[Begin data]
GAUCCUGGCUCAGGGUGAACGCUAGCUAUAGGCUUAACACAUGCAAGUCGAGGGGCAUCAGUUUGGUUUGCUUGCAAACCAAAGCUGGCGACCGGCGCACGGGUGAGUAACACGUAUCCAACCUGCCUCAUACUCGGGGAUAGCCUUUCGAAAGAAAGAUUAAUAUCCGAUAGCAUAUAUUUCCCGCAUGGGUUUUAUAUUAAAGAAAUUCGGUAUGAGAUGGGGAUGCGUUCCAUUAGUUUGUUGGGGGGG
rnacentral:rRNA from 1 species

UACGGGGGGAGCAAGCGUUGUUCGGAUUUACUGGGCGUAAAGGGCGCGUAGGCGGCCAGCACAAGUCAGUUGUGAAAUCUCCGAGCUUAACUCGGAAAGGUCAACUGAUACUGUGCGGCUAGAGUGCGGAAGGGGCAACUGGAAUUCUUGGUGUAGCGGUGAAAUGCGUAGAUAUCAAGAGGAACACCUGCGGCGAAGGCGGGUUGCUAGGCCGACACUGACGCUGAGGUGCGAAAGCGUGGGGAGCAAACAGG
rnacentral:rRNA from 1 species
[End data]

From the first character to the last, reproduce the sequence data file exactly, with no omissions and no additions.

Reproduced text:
GAUCCUGGCUCAGGGUGAACGCUAGCUAUAGGCUUAACACAUGCAAGUCGAGGGGCAUCAGUUUGGUUUGCUUGCAAACCAAAGCUGGCGACCGGCGCACGGGUGAGUAACACGUAUCCAACCUGCCUCAUACUCGGGGAUAGCCUUUCGAAAGAAAGAUUAAUAUCCGAUAGCAUAUAUUUCCCGCAUGGGUUUUAUAUUAAAGAAAUUCGGUAUGAGAUGGGGAUGCGUUCCAUUAGUUUGUUGGGGGGG
rnacentral:rRNA from 1 species

UACGGGGGGAGCAAGCGUUGUUCGGAUUUACUGGGCGUAAAGGGCGCGUAGGCGGCCAGCACAAGUCAGUUGUGAAAUCUCCGAGCUUAACUCGGAAAGGUCAACUGAUACUGUGCGGCUAGAGUGCGGAAGGGGCAACUGGAAUUCUUGGUGUAGCGGUGAAAUGCGUAGAUAUCAAGAGGAACACCUGCGGCGAAGGCGGGUUGCUAGGCCGACACUGACGCUGAGGUGCGAAAGCGUGGGGAGCAAACAGG
rnacentral:rRNA from 1 species